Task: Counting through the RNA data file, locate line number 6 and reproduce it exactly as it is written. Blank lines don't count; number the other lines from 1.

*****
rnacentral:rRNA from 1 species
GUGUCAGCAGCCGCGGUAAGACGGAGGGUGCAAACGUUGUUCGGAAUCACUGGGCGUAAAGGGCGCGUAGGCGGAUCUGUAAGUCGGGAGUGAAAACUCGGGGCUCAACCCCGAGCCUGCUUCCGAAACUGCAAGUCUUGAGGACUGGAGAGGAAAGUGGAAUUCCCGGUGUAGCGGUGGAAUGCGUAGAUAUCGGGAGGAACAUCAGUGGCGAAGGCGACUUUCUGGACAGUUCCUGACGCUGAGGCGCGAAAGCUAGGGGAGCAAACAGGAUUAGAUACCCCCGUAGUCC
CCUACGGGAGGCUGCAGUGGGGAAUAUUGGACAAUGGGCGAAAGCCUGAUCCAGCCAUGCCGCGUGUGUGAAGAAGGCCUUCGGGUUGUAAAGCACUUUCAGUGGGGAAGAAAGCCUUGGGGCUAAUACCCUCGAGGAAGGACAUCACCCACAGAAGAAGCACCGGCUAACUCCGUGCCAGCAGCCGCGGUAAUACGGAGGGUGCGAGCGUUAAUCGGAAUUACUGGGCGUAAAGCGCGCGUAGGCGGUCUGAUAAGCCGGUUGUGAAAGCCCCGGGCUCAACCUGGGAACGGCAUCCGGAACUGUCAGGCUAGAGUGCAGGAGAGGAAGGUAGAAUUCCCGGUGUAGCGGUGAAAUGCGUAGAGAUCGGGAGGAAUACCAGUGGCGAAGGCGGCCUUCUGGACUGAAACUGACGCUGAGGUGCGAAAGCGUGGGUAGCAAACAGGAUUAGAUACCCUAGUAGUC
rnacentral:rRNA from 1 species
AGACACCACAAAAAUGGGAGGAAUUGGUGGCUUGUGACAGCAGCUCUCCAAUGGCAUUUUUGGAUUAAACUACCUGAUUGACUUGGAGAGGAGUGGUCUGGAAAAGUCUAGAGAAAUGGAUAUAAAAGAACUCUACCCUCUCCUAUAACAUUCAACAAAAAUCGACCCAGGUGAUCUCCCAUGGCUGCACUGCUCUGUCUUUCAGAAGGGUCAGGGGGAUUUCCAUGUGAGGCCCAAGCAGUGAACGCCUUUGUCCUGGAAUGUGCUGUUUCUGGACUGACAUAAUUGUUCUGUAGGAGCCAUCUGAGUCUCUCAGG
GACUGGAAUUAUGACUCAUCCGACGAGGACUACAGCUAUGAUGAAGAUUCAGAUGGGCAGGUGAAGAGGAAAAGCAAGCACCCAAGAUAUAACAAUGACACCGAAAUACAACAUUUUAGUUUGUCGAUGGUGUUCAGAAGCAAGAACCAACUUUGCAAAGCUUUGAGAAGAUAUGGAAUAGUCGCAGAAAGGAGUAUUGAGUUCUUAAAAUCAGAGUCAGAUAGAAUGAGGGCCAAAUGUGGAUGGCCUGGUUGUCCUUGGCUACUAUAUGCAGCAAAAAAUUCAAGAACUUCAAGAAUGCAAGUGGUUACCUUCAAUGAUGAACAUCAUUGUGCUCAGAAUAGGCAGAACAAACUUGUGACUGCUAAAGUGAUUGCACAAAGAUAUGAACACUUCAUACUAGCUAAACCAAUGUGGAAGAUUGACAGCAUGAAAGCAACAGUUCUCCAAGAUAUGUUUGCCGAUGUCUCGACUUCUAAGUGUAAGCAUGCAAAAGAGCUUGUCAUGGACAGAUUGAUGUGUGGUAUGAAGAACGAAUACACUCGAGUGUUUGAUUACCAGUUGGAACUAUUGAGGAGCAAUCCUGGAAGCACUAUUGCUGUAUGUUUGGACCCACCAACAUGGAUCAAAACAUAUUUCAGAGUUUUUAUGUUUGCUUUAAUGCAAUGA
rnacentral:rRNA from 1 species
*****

GACUGGAAUUAUGACUCAUCCGACGAGGACUACAGCUAUGAUGAAGAUUCAGAUGGGCAGGUGAAGAGGAAAAGCAAGCACCCAAGAUAUAACAAUGACACCGAAAUACAACAUUUUAGUUUGUCGAUGGUGUUCAGAAGCAAGAACCAACUUUGCAAAGCUUUGAGAAGAUAUGGAAUAGUCGCAGAAAGGAGUAUUGAGUUCUUAAAAUCAGAGUCAGAUAGAAUGAGGGCCAAAUGUGGAUGGCCUGGUUGUCCUUGGCUACUAUAUGCAGCAAAAAAUUCAAGAACUUCAAGAAUGCAAGUGGUUACCUUCAAUGAUGAACAUCAUUGUGCUCAGAAUAGGCAGAACAAACUUGUGACUGCUAAAGUGAUUGCACAAAGAUAUGAACACUUCAUACUAGCUAAACCAAUGUGGAAGAUUGACAGCAUGAAAGCAACAGUUCUCCAAGAUAUGUUUGCCGAUGUCUCGACUUCUAAGUGUAAGCAUGCAAAAGAGCUUGUCAUGGACAGAUUGAUGUGUGGUAUGAAGAACGAAUACACUCGAGUGUUUGAUUACCAGUUGGAACUAUUGAGGAGCAAUCCUGGAAGCACUAUUGCUGUAUGUUUGGACCCACCAACAUGGAUCAAAACAUAUUUCAGAGUUUUUAUGUUUGCUUUAAUGCAAUGA